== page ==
Super Smash Bros for the Wii U is the main focus of their tournaments, along with Melee. He said they don’t use the Nintendo 3DS version of the game, but some people utilize the system as their controller to play in their tournaments. I asked Ryan how age of the game affects who is playing it and he brought up some great insight on the matter. “I feel one of the things about smash that's different from the rest of the fighting games is that we have a split community. Street Fighter, Tekken, and Guilty Gear players are all encouraged to move to the next iteration. Once Brawl came out, some said ‘Melee is better’ and grew out that older scene. Those that stayed with Brawl moved to Smash 4, and some even to ‘Project M’ (The fan made game). Whenever Smash 5 comes out, it all depends on how competitively viable it is. If it is, it'll have a strong scene, and then maybe Smash 4 will be on the decline. If it's not, it'll still be around, but will eventually go away because of Smash 6, and so on.”
For the USC Biweekly, they sometimes play other games that aren’t Super Smash Bros. related, such as League of Legends, Hearthstone, and Rocket League, but he’s not directly involved with those. His entire focus is on Smash. Where he sees a real split is between the Melee and Smash 4 crowds. “You can sometimes see it just by coming to an event. Melee players are there to have a good time and host a tournament. Smash 4 players are there to start growing a scene, however small it may be at the moment. It might have something to do with our prominent Melee players and CRT (television) providers graduating, but there's a few new freshman interested in melee. We usually have an average turnout of about 38 per biweekly, Melee and 4 combined.”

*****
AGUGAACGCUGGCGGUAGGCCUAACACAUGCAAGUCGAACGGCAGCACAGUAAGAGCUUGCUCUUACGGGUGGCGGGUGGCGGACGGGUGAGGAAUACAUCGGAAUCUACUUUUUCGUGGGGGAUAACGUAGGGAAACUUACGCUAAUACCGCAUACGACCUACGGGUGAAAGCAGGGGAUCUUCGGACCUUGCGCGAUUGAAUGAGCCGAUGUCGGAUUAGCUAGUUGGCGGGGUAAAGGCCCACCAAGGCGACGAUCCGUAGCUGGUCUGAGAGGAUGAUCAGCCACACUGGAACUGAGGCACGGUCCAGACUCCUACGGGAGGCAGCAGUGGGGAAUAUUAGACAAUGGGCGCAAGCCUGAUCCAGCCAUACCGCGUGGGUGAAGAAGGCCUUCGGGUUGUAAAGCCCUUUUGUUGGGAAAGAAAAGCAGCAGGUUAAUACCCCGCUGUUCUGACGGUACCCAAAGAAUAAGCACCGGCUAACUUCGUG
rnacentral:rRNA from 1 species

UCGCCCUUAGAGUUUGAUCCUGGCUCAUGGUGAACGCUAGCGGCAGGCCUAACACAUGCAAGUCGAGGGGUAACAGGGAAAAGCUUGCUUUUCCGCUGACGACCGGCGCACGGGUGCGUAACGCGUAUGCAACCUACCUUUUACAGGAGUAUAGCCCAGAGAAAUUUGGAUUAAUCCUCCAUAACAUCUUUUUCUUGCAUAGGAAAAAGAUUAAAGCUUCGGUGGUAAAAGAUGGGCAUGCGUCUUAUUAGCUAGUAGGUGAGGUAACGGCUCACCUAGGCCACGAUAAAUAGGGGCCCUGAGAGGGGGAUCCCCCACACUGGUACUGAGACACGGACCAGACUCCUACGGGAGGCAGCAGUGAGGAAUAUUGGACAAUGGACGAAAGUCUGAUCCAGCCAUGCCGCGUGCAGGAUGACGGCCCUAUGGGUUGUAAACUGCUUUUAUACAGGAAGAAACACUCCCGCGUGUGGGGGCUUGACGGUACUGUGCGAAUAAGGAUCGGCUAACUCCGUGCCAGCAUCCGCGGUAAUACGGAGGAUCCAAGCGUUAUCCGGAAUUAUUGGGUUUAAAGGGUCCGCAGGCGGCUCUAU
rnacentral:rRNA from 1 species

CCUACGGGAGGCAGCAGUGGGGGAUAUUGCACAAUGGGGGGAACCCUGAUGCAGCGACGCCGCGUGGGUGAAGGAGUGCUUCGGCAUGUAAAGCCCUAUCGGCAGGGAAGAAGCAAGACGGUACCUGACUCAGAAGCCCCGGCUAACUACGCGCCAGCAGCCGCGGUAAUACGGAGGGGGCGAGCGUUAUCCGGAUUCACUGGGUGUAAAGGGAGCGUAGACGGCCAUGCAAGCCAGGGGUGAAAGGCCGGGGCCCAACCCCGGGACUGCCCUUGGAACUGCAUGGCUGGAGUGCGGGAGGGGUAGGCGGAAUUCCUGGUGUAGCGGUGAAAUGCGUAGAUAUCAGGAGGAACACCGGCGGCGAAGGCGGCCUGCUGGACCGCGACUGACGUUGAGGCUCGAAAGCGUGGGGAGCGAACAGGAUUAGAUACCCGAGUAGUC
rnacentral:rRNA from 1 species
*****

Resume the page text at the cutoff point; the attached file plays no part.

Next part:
He explained that the competition is, overall, pretty “chill”, except for the Melee crowd. “I feel like Melee is usually more intense overall. There are some really tense moments when some of our best players are up against power ranked outsiders.”
In terms of a fun story, he was excited to be featured on Yeetsmash video for “getting 0-death'd by a friend.” With over 66k views, he shrugged and said “I guess any publicity is good publicity, right?”
USC Biweekly tournaments are held each semester for both Melee and Smash 4. Tournaments are Fridays from 6 PM - Midnight (with the bracket starting at 7 PM). Primarily focusing on singles, doubles side events are done sometimes as well. Tournaments are located on campus at Ronald Tutor Campus Center, near the center of the campus. The venue entry is $5 and each event is $5, but bringing a set-up gets the venue fee waived.
Folks that want to join up can find USC Smash on their Facebook, Twitter, and Twitch pages. They keep an archive of their streams on YouTube as well. For those looking at events in the south, check out our interview with Brendon Ramdeholl about the Georgia-based Athens Online event.